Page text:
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unit test best practice

Hi,

I want to add unit tests in my application using NUnit.
At first, I thought to add unit tests in the class that is tested, enclosed
in a conditional attribute to remove these unit tests from release code.
Though, there is (at least) 2 problems working like that :

1) the class can becoming very large if there is a lot of tests
2) when releasing, the NUnit dll should not be needed => it should not be
referenced.

How do you manage this ?

Thanks in advance for your help.
Nov 17 '05 #1
6 4410
Hi Droopy,
when writing your unit tests put them inside a seperate project and
reference the libraries you want to test from your test project. This way
your test project will have a reference to the NUnit.Framework DLL and will
contain all of your testing code, your production project will then have no
code relating to testing or any unneccessary references.

For each class you want to test i.e. MyLibrary.MyObj ect you would have a
corresponding test fixture in your testing project i.e.
MyTestingProjec t.MyObjectTestF ixture
Hope that helps
Mark R Dawson
http://www.markdawson.org

Some of my thought on unit testing
http://www.markdawson.org/software/unittesting

"Droopy" wrote:
Hi,

I want to add unit tests in my application using NUnit.
At first, I thought to add unit tests in the class that is tested, enclosed
in a conditional attribute to remove these unit tests from release code.
Though, there is (at least) 2 problems working like that :

1) the class can becoming very large if there is a lot of tests
2) when releasing, the NUnit dll should not be needed => it should not be
referenced.

How do you manage this ?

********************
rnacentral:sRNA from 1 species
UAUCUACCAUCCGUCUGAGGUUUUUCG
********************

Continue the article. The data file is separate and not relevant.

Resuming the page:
Thanks in advance for your help.

Nov 17 '05 #2
Droopy wrote:
I want to add unit tests in my application using NUnit.
At first, I thought to add unit tests in the class that is tested, enclosed
in a conditional attribute to remove these unit tests from release code.
Though, there is (at least) 2 problems working like that :

1) the class can becoming very large if there is a lot of tests
2) when releasing, the NUnit dll should not be needed => it should not be
referenced.

How do you manage this ?


I use separate assemblies for my unit tests, usually one per
implementation assembly. These assemblies reference the tested assembly,
the NUnit assembly and everything else needed for the purpose of testing.

Of course it can be a bit difficult to access object properties or methods
that aren't publicly available in such a scenario, but I tend to believe
that it's not usually the best idea to test non-public members at all. For
those instances where it seems to be a good idea, I have my own
"PrivateObj ect" implementation, a class that wraps another class and
allows access to non-public members - in VS 2005, AFAIK, there's a similar
thing readily available and you can also use InternalsVisibl eTo attribute
to allow your testing assembly access to stuff inside the implementation
assembly.
Oliver Sturm
--
Expert programming and consulting services available
See http://www.sturmnet.org (try /blog as well)

Nov 17 '05 #3
I agree with the other posters. I keep my testing code separate from the
actual release code. I actually keep the testing code in a parallel solution
with parallel projects as my release code to make things easier. One thing I
did want to point out is that just because you reference an assembly doesn't
mean it'll actually be loaded. .NET assemblies work the same as delay-loaded
DLLs. A .NET assembly will only be loaded when an object contained in the
assembly is needed so unless you reference a test object NUnit doesn't need
to be shipped although it will, by default, be copied to your deployment
directory when you build it in VS. Still I don't like having any "excess"
references so keep your test projects separate from your release projects.
Note however that VS 2005 will automatically add a test project to your
solution when you elect to auto-generate test cases for a class. You'll then
need to move the project elsewhere.

Michael Taylor - 9/5/05

"Droopy" wrote:
Hi,

I want to add unit tests in my application using NUnit.